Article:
However, the Swedish defeat at Nördlingen provoked Catholic France to openly enter the war on the Protestant side, providing increased financial aid to both Sweden and the United Provinces, and hiring the German Protestant prince Bernard of Saxe-Weimar to command a German army in French service. The Swedish-French Phase of the war thus broke loose (1635 – 1648), but France’s initial war effort went far from smoothly: Habsburg forces invaded from the Southern Netherlands and the Franche Comté, destroying Champagne and Bourgogne, and giving the French a taste of the destruction they had been funding in the Holy Roman Empire. But the tide turned in 1640 when both Portugal and Catalonia rebelled against the Spanish King Philip IV of Habsburg. France, England and the United Provinces quickly recognised Portuguese independence and French forces invaded Catalonia to help the resistance there. Meanwhile in the Holy Roman Empire, fighting continued despite the declining Protestant support for the Swedish-French interventions, which were ravaging Central Europe. In 1644, hundreds of diplomats gathered at the German towns of Münster and Osnabrück to discuss an end to the war. Peace talks nevertheless dragged on for years, for the armies continued fighting, causing one side or the other to constantly raise or resist new demands. France and Spain simply refused to make peace and remained at war until 1659.3.) The Peace of Westphalia
In 1648, peace in Central Europe was at last agreed upon in the two treaties of Osnabrück and Münster, commonly known as the Peace of Westphalia. For the Holy Roman Emperor and the Austrian Habsburgs, the humiliation could hardly be greater, for the Holy Roman Empire was torn apart religiously, territorially and politically. The 1555 Peace of Augsburg was reaffirmed, Calvinism gained full recognition and all Catholic claims to the ecclesiastical territories secularised by Lutherans were abandoned. The Empire formally lost the Northern Netherlands and Switzerland, the French annexed territories in Alsace-Lorraine, the Swedes gained key footholds on the Empire’s northern shores and the Empire’s strongest member states gained new territories (notably Brandenburg, Bavaria and Saxony), adding to the Elector states’ status quo with Habsburg Austria. Most importantly, the French imposed a new constitution on the Holy Roman Empire, which made each and every one of its member states de facto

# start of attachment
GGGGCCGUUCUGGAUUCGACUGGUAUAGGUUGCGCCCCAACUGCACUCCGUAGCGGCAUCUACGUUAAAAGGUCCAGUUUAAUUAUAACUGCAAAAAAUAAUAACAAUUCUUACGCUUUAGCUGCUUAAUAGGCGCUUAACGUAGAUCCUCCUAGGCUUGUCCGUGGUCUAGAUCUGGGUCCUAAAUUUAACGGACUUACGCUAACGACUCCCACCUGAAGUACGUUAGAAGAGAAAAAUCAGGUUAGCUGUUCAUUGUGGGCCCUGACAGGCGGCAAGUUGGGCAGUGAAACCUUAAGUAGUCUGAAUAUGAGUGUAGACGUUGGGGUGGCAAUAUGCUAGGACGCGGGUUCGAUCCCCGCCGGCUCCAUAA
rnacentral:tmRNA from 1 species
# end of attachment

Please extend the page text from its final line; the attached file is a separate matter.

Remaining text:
independent: the Empire was forbidden from raising armies, instituting a tax system or declaring war without the approval of each of its member states. Furthermore, each member state could henceforth conclude treaties with foreign powers without approval from the Holy Roman Emperor. While many of Europe’s strongest nations were undergoing royal centralisation, the Empire collapsed completely into the fragmentation of the Middle Ages.